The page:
After another short climb, we had our first view of Muir Beach, which was the location of another aid station. Approaching the station, I saw what was becoming a very familiar sight on the course …
It was Olga, taking pictures. She was crewing for her boyfriend, and she had been snapping photos at every road crossing and aid station since the beginning of the race. She was good for a smile and a laugh every single time I saw her, and frequently gave me quick advice or recommendations that turned out to be exactly what I needed.
Hey, the sun is coming out! It only took about 22 miles or so. Welcome to the race, Mister Sun.
Can you follow the trail here? The first 50-mile loop features a long out and back section on this narrow section that locals affectionately call the “half-track” – meaning it’s about half as wide as a single track in long stretches. Sometimes the only way I could spot the trail was by seeing a returning runner approaching from the opposite direction.
Guess who was at the Bolinas Ridge (mile 29) aid station! By the time I got there, Olga was working the crowd like Eddie Murphy. I also noticed that she was wearing less clothing each time I saw her, and there was a rumor going around that she’d be flashing people during the night. All of a sudden, the evening couldn’t arrive fast enough.
She also took this picture of me adjusting my gaiters, as the Van Gogh effect grows more and more apparent. Although I still felt OK, I was definitely looking a bit frazzled – and judging by the lady’s face behind me, I was apparently starting to smell pretty badly as well.
On the return trip to Pantoll (mile 35), the sun was out in full force, and we enjoyed beautiful views like this one. However, we had to be careful …
Because we were still on the half-track, with steep drops down the hillside awaiting anyone who lost his footing. It’s definitely a “good news/bad news” scenario.
At the Pantoll station, I found my friend Richard getting a massage from Olga. He looks pretty satisfied in this picture, doesn’t he? Unfortunately, his day was starting to unravel – by the next aid station, cramps and muscle spasms would force him out of the race. In hindsight, this picture might be the highlight of his day.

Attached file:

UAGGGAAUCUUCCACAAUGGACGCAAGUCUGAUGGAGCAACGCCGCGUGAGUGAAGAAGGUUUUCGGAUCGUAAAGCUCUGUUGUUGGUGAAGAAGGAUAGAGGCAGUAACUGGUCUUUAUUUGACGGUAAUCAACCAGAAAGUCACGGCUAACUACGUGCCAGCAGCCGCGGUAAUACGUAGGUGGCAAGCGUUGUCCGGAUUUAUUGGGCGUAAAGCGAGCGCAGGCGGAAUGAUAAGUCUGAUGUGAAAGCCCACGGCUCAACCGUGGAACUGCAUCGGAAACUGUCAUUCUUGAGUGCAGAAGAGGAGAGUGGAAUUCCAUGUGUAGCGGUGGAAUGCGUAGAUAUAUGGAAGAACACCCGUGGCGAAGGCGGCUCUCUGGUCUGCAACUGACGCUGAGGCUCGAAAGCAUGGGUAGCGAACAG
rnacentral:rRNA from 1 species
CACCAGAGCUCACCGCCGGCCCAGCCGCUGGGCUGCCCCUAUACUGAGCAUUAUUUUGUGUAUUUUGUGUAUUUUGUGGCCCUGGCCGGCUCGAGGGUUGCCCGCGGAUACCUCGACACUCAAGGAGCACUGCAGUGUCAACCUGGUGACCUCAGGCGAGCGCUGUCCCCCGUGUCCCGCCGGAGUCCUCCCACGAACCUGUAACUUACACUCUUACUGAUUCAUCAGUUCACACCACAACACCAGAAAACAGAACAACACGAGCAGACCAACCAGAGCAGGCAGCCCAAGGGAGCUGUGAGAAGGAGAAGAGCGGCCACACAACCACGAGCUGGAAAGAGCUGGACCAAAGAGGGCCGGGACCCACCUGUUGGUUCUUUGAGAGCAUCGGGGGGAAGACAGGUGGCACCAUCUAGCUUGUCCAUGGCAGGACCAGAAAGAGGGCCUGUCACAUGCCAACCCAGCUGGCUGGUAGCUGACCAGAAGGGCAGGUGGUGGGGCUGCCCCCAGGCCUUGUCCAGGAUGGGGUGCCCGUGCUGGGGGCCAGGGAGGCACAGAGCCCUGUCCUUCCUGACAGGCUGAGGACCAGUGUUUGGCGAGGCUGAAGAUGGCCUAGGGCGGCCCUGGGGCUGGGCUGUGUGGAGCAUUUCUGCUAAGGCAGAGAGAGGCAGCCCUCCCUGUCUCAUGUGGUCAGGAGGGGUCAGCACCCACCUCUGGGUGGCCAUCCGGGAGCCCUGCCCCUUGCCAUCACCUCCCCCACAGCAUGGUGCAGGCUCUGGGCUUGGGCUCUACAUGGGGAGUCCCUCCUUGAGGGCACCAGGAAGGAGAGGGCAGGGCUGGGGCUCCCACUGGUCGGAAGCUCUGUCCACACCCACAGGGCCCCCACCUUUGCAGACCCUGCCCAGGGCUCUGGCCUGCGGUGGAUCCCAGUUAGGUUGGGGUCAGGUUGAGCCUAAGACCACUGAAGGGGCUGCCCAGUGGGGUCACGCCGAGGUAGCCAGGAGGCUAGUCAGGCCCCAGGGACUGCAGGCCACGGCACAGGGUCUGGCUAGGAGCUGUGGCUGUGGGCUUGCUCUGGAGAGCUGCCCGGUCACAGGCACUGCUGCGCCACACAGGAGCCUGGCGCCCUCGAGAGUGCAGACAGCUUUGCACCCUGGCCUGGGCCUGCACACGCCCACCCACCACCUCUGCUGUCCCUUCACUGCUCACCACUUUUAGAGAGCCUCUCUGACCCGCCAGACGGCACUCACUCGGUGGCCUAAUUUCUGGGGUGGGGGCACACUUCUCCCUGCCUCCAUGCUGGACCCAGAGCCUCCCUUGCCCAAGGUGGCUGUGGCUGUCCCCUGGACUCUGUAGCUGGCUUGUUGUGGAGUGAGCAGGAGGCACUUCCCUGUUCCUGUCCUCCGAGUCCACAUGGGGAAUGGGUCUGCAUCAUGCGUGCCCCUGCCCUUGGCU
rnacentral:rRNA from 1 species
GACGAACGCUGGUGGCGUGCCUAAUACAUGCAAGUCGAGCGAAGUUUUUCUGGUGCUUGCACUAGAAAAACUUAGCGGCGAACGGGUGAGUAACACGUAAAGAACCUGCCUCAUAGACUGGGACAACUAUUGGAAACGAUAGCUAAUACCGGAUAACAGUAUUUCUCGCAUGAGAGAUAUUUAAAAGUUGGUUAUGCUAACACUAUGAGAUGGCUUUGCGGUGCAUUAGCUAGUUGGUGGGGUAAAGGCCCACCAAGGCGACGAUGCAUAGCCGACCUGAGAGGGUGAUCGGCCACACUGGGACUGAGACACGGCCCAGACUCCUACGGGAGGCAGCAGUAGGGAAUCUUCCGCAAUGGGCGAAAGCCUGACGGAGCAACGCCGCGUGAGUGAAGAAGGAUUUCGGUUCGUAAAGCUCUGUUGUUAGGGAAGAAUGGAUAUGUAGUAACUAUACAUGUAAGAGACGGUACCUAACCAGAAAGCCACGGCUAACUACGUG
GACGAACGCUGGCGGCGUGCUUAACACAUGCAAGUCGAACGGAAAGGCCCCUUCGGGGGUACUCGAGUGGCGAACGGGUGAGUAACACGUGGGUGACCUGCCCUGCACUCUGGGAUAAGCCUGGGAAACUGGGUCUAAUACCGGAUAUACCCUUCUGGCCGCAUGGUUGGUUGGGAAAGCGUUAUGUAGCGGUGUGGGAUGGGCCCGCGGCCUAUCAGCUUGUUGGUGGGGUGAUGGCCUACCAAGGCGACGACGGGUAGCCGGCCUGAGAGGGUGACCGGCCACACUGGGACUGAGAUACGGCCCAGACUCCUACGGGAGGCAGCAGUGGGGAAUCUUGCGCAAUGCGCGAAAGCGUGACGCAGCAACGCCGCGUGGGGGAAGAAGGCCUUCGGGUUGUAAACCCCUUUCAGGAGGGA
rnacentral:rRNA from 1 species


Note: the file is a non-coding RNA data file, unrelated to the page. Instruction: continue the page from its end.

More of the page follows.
This would have been a nice picture of Olga and me, if I didn’t have such a large head.
From Pantoll to Muir Beach (mile 40) the course descends about 20 crazy switchbacks on the Heather Cutoff trail. This is just a small portion of them; there’s another cool picture on the Headlands website. Although they beat up my legs, this was definitely one of the funnest parts of the course.
Leaving Muir Beach, we get to enjoy this little warm-up hill …
Before tackling the return climb from Pirate’s Cove at mile 42. It was somewhere along this stretch that I realized that this course is no joke; the hills just keep on coming, each one seemingly tougher than the one before.
At the top of the climb, we finally glimpsed some city views that were lost in the morning fog – views that would get even better on the second lap around.
Returning to Tennessee Valley (mile 46), Pamela was working the aid station, and as is her custom, she went out of her way to lie to me about how good I looked. I didn’t have time to explain the Van Gogh effect just then, but I could definitely feel it coming over me. The sunglasses come in handy to mask it a bit, though.
Tennessee Valley is only 4 miles from the start/finish area, but you have to go over a giant climb to get there. Once you reach the top of Wolf Ridge, you finally catch a glimpse of your destination, which still seems more than 4 miles away.
The descent to Rodeo Beach is very similar to the Miwok 100K course, including this steep staircase of various surfaces (wood and rock) and irregular step heights. When I came down this staircase to finish Miwok, it seemed like a cruel way to end an ultra – I couldn’t imagine anything more difficult.
That was before I realized the Headlands course made us go down these stairs three times: at miles 49, 74, and 99. The lesson, of course: there’s always something more difficult. So I stand corrected.
Rodeo Beach, Saturday evening, August 9th. The sun was out, it was a beautiful day, and it felt like there was a party going on. Unfortunately, I was only halfway done.
This all-star group of pacers was awaiting their runners, whom they would join from the 50-mile point. I took my time leaving the station, just so I could soak in some of the atmosphere.
I also took a picture with Rick, because I didn’t think I’d see him again during the race. As you’ll see later, I was completely wrong.